The idea of shame rests in part on keeping something secret. By hiding something we make it mysterious. Clothing gives us a sense of self-respect and identity. It is a means of keeping a secret, and if we are deprived of the means of keeping a secret, we are deprived of the secret. The mystery has gone. When we think of “modesty” and “soberness” (1 Timothy 2: 9), there can be no doubt that the motive for this lies in the realization that sex is a profound mystery. And this means that this mystery must be preserved and not allowed to degenerate. In the Bible, the removing of clothing from specific parts of the body is often portrayed as shameful. When the sons of Noah, Shem and Japeth, were told of their father’s nakedness they took a garment and “laid it across their shoulders, then they walked backwards and covered their father’s nakedness. Their faces were turned the other way so that they would not see their father’s nakedness.” (Gen.9:23).

Modesty is a moral quality. Our society cannot survive without the control of impulse and self-restraint. It needs a well-developed feeling of shame for the protection of chastity. “All healthy men,” G.K. Chesterton observed, “ancient and modern, Eastern and Western, know that there is a certain fury in sex that we cannot afford to inflame and that a certain mystery and awe must ever surround it if we are to remain sane.”

The Root of Shame

Nowhere is the connection between shame and nakedness better expressed than in the fall of Adam and Eve into sin. The moment Eve listened to the beguiling voice of the Serpent and ate from the tree of good and evil, she lost her purity. She also gave some of the fruit to her husband, and he ate. Their act of disobedience had consequences for creation itself. It is now under the bondage of corruption (Isaiah 24:46). From the moment they ate from the forbidden fruit their minds and consciences were defiled. They could no longer see things straight. They had lost everything.

In paradise Adam and Eve had lived in perfect harmony with one another and with God, in an atmosphere of trust and truth. They knew they were both naked and were not ashamed of it. (Genesis 2:25) Their nakedness and vulnerability posed no threat. But after the fall they looked at each other from a different perspective. They became anxious and felt alienated. They felt ashamed.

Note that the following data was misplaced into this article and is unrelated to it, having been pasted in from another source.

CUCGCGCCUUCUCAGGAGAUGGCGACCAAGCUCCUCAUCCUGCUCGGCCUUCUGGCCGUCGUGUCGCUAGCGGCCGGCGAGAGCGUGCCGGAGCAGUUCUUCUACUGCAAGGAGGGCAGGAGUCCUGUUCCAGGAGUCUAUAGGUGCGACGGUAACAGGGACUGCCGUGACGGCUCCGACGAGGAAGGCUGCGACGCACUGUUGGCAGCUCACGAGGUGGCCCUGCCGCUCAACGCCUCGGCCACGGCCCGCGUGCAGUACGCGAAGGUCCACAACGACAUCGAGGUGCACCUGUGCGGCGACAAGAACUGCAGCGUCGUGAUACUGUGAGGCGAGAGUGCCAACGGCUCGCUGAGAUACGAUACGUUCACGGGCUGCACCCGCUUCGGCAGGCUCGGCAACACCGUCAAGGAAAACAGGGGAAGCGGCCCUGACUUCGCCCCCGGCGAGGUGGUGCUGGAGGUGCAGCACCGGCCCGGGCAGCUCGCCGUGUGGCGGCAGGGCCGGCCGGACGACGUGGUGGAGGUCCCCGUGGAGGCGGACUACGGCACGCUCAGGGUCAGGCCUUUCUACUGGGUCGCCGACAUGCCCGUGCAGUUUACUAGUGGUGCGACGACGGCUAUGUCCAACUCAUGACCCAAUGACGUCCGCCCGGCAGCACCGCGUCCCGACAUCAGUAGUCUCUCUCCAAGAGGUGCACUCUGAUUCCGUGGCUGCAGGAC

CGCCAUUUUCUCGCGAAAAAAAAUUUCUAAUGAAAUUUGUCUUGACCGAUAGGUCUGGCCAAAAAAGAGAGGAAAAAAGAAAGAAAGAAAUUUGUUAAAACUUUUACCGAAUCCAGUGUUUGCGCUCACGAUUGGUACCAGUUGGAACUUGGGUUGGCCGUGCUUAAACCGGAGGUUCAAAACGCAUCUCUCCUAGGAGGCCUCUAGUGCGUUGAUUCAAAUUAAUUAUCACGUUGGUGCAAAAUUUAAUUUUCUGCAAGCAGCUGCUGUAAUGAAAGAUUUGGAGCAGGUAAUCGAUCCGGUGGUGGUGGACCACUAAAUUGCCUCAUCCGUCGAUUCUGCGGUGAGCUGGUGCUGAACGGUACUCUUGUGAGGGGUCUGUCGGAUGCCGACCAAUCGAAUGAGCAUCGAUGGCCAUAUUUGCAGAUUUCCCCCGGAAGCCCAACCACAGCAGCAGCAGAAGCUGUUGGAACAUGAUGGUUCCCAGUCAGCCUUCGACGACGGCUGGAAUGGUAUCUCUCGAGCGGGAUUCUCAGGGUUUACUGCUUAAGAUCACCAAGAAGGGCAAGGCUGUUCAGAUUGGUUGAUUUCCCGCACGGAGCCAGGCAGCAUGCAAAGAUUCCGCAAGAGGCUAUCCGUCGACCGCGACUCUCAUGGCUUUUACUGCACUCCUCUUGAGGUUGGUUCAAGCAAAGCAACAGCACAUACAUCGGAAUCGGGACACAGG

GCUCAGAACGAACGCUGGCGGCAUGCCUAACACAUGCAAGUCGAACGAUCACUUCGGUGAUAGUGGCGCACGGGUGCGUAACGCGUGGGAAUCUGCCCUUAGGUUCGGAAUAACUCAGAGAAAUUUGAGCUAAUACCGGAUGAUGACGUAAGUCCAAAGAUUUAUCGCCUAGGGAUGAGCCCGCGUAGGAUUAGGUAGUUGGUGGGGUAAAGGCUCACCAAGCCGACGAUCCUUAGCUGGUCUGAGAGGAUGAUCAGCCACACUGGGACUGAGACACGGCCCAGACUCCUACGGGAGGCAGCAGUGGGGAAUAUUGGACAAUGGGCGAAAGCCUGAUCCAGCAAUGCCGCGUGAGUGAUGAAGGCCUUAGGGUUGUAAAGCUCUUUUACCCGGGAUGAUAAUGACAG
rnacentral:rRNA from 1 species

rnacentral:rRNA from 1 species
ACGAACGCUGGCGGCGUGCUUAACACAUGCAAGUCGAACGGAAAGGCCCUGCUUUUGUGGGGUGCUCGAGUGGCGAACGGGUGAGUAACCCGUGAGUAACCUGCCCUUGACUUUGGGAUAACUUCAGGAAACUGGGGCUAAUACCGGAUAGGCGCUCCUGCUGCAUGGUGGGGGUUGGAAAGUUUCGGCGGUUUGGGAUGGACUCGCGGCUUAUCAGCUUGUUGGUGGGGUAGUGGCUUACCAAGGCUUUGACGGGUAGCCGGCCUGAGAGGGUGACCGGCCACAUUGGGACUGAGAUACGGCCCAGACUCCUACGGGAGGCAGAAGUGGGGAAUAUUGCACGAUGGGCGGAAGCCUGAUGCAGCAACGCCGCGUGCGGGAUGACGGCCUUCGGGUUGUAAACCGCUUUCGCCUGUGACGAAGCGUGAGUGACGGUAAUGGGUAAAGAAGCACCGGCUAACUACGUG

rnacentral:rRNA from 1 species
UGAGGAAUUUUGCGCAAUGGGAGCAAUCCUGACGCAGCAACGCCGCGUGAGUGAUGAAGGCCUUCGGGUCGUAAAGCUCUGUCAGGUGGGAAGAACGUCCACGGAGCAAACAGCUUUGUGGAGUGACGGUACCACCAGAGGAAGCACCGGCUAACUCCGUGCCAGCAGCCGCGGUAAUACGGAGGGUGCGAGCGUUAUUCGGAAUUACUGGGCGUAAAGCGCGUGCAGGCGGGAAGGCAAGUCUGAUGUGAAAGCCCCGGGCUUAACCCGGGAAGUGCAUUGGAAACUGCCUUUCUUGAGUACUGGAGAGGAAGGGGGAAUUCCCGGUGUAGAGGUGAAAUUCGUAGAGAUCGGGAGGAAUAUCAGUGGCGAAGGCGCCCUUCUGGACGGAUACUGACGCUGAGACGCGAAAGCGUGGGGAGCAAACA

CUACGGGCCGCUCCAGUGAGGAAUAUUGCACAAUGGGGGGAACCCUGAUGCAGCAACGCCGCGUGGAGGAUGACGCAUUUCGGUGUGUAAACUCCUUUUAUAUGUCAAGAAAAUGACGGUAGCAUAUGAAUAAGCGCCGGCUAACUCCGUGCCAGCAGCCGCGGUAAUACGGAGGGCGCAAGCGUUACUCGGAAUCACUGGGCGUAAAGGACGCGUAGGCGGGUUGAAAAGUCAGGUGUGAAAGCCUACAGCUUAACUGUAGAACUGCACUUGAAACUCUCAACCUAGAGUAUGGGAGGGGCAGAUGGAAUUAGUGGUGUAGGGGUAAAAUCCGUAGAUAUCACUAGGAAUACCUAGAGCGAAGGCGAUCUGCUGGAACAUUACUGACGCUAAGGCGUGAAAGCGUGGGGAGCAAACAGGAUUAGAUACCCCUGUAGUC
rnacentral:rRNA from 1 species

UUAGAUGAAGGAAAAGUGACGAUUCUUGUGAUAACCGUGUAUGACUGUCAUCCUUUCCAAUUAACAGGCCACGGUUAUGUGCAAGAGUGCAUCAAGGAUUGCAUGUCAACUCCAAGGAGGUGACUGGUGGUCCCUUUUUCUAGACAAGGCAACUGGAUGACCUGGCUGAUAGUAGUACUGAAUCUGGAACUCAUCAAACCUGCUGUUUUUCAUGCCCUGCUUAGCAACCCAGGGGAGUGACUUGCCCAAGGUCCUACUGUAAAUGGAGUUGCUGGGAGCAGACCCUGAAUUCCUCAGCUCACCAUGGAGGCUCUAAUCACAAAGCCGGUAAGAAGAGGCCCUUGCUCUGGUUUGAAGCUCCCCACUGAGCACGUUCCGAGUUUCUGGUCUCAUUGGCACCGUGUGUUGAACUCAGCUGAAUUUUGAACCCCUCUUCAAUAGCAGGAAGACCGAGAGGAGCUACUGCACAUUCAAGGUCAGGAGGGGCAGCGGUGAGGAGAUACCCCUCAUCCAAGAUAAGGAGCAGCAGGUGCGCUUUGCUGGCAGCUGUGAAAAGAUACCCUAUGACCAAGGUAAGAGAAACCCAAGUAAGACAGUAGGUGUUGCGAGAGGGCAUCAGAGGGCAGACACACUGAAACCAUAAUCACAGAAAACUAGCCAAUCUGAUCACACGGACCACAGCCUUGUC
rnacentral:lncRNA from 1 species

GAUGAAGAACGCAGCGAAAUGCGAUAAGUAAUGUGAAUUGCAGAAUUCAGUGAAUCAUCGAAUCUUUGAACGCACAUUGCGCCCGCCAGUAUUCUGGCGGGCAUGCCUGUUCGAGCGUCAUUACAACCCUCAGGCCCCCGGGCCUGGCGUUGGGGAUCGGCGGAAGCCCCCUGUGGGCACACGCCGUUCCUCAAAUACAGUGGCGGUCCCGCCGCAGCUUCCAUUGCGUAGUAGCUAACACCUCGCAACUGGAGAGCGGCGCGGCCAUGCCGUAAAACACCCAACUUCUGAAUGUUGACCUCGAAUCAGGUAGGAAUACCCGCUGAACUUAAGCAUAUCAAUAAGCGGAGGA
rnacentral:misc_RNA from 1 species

By transgressing God’s law the harmony was broken between each other. They didn’t feel safe anymore. They became afraid of God (3:8). They learned the antithesis between good and evil, modesty and immodesty, what is proper and improper behaviour. When they disobeyed God, the trust was broken. They lost their innocence. They saw their nakedness, and looked for cover and protection. In Adam’s words, “I was afraid because I was naked; so I hid.” (Genesis 3:10) Centuries later the psalmist wrote, “Oh that my ways are steadfast in obeying your decrees! Then I would not be put shame when I consider all your commands.” (Psalm 119:5,6).


As I analyse our culture of shame, I am struck by the similarity of Paul’s description of the last days and our time. He wrote to his young disciple Timothy: “There will be terrible times in the last days. People will be lovers of themselves, boastful, proud, abusive, disobedient to their parents, ungrateful, unholy, without love, unforgiving, slanderous, without self-control, brutal, not lovers of the good, treacherous, rash, conceited, lover of pleasures rather than lovers of God.” (2 Timothy 3:1-4)

How should we react to all what we see and hear? It is difficult in a culture which is breaking down, to walk a straight path in obedience to the Lord; the temptations are legion for both young and old. But this is not a time for despair, our sovereign God has called us to bear witness for Him, to have a positive influence, to hunger and thirst for righteousness, and never to compromise our faith.

Rev. Johan D. Tangelder is a retired minister in the Christian Reformed Church who resides in East Strathroy, Ontario.